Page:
Bunbury is a picturesque coastal town in Western Australia, located 187km from the state’s capital, Perth. With a Mediterranean climate – an average temperature of about 26 degrees – it is the perfect base to tour the state’s renowned Margaret River wine region.
The city is surrounded by water on three sides – an ocean, an estuary and a north-facing bay. Home to 35,000 residents and servicing more than 75,000 regional neighbours, Bunbury offers city convenience with a country feel.
There are a number of iconic buildings and locations in Bunbury, including the colloquially known ‘milk carton’ and the chequered lighthouse.
Bunbury parkrun is two and a bit laps around the Big Swamp Reserve, a conservation wetland, which is home to more than 70 species of birds, mammals, reptiles and fish and is one kilometre south of the Bunbury city centre. The bitumen surface is suitable for runners, walkers, strollers and dogs.
Big Swamp is a breeding ground for the Black Swan and home to the long-necked turtle.
“Mount Bunbury” is a deceptive-looking, gentle incline that has destroyed the spirit of many newcomers and, on occasion, forced many experienced participants to walk. About 500m from the start line, Mount Bunbury needs to be conquered three times during the 5km.
While the course is predominantly clockwise laps, the last 300m requires participants to return down the incline they just climbed. This provides an opportunity for high-fives with those coming in the opposite direction and a downhill finish.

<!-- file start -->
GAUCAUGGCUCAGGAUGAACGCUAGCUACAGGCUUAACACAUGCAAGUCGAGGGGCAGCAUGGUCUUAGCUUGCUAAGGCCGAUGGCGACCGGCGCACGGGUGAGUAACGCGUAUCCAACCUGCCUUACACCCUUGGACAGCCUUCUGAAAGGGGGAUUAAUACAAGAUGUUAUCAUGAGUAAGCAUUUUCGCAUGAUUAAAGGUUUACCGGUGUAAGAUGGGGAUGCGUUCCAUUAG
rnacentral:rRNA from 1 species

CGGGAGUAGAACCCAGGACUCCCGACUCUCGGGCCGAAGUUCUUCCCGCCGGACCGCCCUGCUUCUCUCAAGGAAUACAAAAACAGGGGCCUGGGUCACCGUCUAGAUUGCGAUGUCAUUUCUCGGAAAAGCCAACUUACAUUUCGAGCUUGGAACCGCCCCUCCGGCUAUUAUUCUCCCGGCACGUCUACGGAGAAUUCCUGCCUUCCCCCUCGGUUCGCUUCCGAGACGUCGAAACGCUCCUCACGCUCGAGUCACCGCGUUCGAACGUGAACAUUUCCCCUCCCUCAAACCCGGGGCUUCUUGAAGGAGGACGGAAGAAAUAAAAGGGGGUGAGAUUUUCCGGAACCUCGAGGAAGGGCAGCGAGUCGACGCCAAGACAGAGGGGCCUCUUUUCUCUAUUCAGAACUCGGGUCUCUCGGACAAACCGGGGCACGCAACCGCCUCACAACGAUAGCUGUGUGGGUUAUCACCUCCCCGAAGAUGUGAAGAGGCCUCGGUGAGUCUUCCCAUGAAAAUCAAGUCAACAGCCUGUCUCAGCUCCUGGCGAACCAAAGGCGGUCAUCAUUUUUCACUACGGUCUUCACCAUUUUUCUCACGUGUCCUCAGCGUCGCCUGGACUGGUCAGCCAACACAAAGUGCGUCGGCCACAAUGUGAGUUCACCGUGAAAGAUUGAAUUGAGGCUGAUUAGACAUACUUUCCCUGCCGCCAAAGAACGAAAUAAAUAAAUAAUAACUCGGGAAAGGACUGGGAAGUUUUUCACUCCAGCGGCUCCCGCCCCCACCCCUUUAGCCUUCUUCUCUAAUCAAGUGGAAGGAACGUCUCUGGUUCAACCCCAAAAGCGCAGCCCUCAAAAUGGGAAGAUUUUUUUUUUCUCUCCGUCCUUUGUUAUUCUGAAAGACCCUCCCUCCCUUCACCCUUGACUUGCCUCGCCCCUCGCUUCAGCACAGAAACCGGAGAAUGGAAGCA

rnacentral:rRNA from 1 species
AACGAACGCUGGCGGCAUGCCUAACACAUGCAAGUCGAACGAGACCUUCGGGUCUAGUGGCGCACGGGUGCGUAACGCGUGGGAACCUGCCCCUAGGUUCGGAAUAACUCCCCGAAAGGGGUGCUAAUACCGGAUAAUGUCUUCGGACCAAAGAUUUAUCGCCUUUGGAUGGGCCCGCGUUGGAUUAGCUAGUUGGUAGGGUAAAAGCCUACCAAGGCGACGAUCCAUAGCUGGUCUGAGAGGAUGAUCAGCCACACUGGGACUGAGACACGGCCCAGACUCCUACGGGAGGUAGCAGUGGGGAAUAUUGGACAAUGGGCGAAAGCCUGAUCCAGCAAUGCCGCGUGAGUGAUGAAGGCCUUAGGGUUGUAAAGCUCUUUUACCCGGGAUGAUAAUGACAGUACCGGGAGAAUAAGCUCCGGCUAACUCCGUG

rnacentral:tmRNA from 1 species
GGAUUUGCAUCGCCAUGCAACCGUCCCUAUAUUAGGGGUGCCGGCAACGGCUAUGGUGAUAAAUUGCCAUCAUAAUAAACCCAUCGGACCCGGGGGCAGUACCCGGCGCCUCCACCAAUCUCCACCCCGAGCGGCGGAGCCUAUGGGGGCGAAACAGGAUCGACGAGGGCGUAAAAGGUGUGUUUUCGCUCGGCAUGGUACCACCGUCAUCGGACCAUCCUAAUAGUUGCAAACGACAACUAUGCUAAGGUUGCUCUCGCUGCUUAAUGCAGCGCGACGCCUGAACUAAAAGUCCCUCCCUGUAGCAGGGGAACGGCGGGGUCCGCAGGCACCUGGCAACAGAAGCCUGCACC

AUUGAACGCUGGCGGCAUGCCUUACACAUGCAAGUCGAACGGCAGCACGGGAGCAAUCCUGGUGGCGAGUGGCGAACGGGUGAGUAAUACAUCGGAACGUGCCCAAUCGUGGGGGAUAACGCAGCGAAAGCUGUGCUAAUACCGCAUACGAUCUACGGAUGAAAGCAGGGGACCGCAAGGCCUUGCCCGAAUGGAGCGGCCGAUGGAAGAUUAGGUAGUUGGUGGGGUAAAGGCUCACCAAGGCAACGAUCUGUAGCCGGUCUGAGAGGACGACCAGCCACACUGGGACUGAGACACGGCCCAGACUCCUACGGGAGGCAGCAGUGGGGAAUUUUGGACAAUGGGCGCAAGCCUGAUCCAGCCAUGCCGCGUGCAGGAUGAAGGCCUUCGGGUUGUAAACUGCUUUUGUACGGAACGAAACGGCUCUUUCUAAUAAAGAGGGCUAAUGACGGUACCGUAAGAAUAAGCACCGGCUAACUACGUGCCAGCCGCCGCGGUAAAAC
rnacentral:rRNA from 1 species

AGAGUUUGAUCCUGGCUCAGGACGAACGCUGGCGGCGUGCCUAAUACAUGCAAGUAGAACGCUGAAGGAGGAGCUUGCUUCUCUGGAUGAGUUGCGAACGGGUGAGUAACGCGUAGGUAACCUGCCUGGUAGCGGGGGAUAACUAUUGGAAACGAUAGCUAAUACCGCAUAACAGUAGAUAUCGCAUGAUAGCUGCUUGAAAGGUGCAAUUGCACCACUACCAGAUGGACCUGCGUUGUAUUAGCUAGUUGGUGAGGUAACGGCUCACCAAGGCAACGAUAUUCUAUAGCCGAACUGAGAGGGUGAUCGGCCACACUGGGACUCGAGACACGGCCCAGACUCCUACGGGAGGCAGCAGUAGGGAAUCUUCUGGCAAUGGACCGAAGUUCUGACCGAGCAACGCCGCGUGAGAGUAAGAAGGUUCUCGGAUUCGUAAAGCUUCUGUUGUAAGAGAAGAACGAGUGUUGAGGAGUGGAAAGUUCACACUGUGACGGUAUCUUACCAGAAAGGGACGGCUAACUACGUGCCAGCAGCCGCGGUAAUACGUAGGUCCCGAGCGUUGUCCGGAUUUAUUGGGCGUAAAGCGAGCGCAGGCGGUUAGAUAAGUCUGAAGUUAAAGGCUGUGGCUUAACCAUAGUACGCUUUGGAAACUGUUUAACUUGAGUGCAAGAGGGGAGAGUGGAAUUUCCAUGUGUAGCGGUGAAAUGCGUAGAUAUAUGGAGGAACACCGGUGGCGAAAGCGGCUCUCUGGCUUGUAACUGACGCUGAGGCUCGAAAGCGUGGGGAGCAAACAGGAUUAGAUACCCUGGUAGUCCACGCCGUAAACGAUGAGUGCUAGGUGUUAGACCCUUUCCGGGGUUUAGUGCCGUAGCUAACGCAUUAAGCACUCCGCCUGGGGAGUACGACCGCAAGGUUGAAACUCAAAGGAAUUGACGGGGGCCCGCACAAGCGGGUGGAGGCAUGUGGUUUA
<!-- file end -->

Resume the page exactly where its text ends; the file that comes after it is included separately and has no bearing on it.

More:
Average numbers at Bunbury have grown from 42 in 2013 to 78 in 2019. Volunteer numbers have grown along with participation numbers.
Co-Event Director Glen Penfold first attended Bunbury parkrun to support his wife and daughters, who had heard about parkrun through friends.
“While they now choose to instead do something called ‘bedsleep’ on Saturday mornings, I have continued,” Glen said.
“My wife says my choices of locations for romantic getaway weekends are determined by the distance to the nearest parkrun, which is somewhat true.”
Making the most of the great climate, one parkrunner at Bunbury has completed 125 parkruns and volunteered 63 times, all while barefoot. Another lady has an 80km return trip to parkrun each week, often to volunteer rather than run or walk.
Being a small town, many Bunbury parkrunners are also members of the local running, triathlon, cross-country and/or orienteering clubs, which has been mutually beneficial for the clubs and parkrun.
Bunbury parkrun also assisted the nearby Collie River Trail parkrun to get off the ground. The Bunbury team provided volunteering opportunities at our event in the lead-up to their launch and travelled to participate in their trial events and launch.
After the run, Bunbury parkrunners meander across the road to the Wildside Cafe for a coffee and catch up with the EDs often having results done before breakfast is finished.
In mid-July, the Scarborough family hooked up their new caravan for an Australian adventure, with a rough plan to complete a half lap of Australia starting from Canberra. Prepared to accept that COVID-19 could interrupt these plans at any point, they didn’t expect to have the good fortune to enjoy parkrun’s return in the Northern Territory…
On Saturday we welcomed back Cape Pembroke Lighthouse parkrun, in the Falkland Islands, and all three events in Australia’s Northern Territory, representing another positive moment in the gradual return of parkrun events around the world. It was great to see the unofficial parkrun podcast, With Me Now, live-streaming from Nightcliff and Palmerston parkruns. If…